Feb. 5: The conditions were rainy and foggy at Celeste Mountain Lodge. So Noel put us in the van and took us to the other side of the mountain were it was sunny and very hot. One of the highlights of this area was the White-throated Magpie Jay. It is a large bird with an unusual set of feathers on its head. It is very noisy and a real crowd pleaser. We also saw two honeycreepers, the Red-legged and the Green. The food at Celeste is the best. We had breakfast, lunch and dinner at their dining room each day we were there. Most of the meals were served on banana leaves and the meal were explained to us in detail before we ate.
Feb. 6: Celeste Mountain has many trails. Today we explored two of them. On one of the trails there were many antbirds. They are always a favorite of mine and we got excellent looks at the following antbirds: Spotted , Bicolored , Ocellated, Zeledon's (previously called Immaculate) and the Dull-mantled. Woodpeckers and woodcreepers were also well represented on the grounds of Celeste. We saw: Northern Barred and Wedged-billed woodcreepers plus 6 woodpecker species including Golden-olive and Cinnamon. A favorite of the group was the male and female Barred Antshrikes. We had excellent views. At night Noel took us out for some nighttime birding. We all saw a Mottled Owl.
Feb. 7: It was a travel day plus many stops along the way. Birding consisted of a morning walk down the road at Celeste, then a ride to the Sandillal Dam, a stop at the Salt Ponds and finally to Cerro Lodge.
The early morning walk at Celeste produced a beautiful Umbrella Bird. A lifer for everyone except Noel. We all had great looks. A Black-headed Trogon plus a White-whiskered Puffbird were also present. We packed up and drove to the Sandillal Dam where 20,000 Blue-winged Teals over winter. They all were there and it was an amazing slight. Within the large group was one Cinnamon Teal. It was hard to pick out because the bird keep hiding among all the other Blue-winged teals. In the nearby shrubbery were some more Magpie Jays. After the dam we drove to the Salt Ponds. We picked up a good number of shorebirds. We recorded: Long-billed Curlew, Short-billed Dowitcher, Willet, Lesser Yellowlegs and Whimbrel. Royal terns were also present. We checked in at the Cerro Lodge and prepared for our next day.
Feb. 8: Breakfast was in the Cerro Lodge restaurant and we looked at their feeders. We spent most of the day at Caraca National Park with an evening stop at Guacalillo to catch the sunset and a special bird. Caraca has excellent trails. They are well defined and mostly handicapped accessible, not that we needed it but it made for easy birding for the group. The weather was hot but dry and the trails were mostly in the shade which made it even better. We saw many birds at Caraca including: Plain Xenops, Eye-ringed Flatbill, Yellow-bellied Flycatcher and Green Shrike-Vireo. Our evening stop at Guacalillo was to catch the sunset and one special bird. Noel knew exactly where and when we would see the Lesser Ground Cuckoo. Right on schedule the bird appeared. The sunset was great too!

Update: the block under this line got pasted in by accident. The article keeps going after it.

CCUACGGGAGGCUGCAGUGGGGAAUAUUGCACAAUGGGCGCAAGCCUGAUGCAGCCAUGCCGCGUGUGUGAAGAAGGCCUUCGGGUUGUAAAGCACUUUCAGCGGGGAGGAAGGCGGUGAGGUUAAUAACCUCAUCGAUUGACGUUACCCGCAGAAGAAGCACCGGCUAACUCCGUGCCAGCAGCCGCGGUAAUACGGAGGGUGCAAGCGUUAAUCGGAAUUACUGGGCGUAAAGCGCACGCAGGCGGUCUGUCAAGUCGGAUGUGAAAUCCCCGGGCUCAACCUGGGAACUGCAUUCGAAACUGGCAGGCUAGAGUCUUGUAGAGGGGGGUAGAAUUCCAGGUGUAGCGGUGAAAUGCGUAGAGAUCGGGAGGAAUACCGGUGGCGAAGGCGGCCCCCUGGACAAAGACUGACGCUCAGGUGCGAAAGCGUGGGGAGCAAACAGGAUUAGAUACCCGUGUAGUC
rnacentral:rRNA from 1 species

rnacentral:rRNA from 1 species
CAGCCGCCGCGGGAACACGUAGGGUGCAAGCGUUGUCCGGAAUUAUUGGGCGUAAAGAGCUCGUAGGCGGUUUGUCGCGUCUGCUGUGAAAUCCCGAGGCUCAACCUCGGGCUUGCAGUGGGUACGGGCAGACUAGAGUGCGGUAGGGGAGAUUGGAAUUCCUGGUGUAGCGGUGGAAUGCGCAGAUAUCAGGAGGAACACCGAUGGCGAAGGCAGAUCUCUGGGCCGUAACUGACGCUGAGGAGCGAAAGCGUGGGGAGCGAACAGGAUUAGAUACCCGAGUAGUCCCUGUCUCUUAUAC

Feb. 9: It our last complete day of birding. We took a boat ride on the Tarcoles River. We saw 5 of the possible 6 kingfishers (Pygmy, Belted, Ringed, Green, Amazon) just missing the Green-and-rufous. We saw many warblers including: American Redstart, Chestnut-sided, Golden-winged and Prohtonotary . Warbler totals for our trip were: Black-and-white- 10, Tennessee- 8, Yellow- 17, Chestnut-sided-9 and Prothonotary - 12. It is always nice to see our North American migrants enjoying the warm weather of Costa Rica. Summer Tanagers totaled 12 but the real winner was Spotted Sandpiper with 40. We finally left Cerro Lodge and headed back to San Jose. At the Bougainvillea Hotel, just before dinner we did some more birding. We were missing the White-eared Ground Sparrow and Noel wanted to give it one more chance. We dipped on the bird but did see two Ferruginous Pygmy-Owls. A very nice ending. In all we totaled 279 bird species. Feb. 10: It was our last day. We had a boxed breakfast from the Hotel Bougainvillea. At about 6am we gathered our stuff and left for the airport. Our United flight took off right on time and landed a few minutes early in a Newark airport. It was a great trip, we saw great birds, made new friends and are already looking forward to do it again next year.
Great Blue Heron
Little Blue Heron
Limpkinv White-throated Crake
American Pygmy Kingfisher
Great Crested Flycatcher
Northern Rough-winged Swallow
Southern Rough-winged Swallow
Species seen - 279